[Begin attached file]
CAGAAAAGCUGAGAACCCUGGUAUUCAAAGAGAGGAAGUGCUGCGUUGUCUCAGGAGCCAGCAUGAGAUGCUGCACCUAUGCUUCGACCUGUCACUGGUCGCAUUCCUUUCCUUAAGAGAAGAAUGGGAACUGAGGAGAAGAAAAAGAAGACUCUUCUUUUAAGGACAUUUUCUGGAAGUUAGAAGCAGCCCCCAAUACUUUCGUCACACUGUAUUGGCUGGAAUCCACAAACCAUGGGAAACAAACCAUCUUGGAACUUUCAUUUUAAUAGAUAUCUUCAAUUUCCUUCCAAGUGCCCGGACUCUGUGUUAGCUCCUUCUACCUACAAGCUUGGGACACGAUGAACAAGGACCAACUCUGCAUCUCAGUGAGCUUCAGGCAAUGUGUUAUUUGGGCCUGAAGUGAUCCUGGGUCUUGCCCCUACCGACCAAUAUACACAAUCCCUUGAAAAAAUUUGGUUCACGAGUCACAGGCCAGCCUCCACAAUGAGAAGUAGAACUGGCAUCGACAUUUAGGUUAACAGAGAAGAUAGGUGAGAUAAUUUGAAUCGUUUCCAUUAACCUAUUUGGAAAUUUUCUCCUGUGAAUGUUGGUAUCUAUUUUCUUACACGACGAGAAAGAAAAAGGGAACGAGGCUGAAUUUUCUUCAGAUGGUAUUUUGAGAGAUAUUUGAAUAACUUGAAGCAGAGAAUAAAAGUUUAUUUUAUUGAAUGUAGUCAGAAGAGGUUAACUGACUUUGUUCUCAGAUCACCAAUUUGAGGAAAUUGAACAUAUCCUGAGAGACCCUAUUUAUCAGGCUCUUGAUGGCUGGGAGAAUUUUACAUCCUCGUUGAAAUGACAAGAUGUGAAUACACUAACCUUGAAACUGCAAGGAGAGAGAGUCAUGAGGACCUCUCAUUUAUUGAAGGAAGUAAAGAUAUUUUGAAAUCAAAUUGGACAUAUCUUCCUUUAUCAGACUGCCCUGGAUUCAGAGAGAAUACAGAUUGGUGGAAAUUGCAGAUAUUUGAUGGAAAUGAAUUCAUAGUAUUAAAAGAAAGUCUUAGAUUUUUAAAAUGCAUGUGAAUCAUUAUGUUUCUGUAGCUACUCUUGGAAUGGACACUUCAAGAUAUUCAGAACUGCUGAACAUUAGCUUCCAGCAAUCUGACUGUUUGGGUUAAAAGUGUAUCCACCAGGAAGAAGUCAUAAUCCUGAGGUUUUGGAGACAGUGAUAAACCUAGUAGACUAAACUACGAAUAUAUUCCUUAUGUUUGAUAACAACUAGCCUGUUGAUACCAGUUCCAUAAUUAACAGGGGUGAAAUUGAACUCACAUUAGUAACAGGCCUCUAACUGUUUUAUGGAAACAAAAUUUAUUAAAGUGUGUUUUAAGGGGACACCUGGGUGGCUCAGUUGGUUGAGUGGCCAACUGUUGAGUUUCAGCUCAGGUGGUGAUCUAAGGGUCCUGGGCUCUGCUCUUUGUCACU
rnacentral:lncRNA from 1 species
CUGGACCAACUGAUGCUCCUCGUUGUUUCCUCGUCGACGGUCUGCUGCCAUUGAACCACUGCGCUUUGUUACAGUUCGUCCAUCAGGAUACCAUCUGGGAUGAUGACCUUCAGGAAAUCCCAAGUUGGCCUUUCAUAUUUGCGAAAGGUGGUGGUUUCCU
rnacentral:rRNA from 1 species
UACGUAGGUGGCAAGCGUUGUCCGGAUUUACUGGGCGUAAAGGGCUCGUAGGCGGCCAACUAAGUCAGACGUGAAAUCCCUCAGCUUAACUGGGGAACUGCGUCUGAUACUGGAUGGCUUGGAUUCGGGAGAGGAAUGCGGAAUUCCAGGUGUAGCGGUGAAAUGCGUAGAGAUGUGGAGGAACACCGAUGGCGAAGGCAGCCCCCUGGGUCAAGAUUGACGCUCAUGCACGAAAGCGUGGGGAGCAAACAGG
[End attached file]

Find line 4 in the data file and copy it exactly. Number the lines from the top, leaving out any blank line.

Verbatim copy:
rnacentral:rRNA from 1 species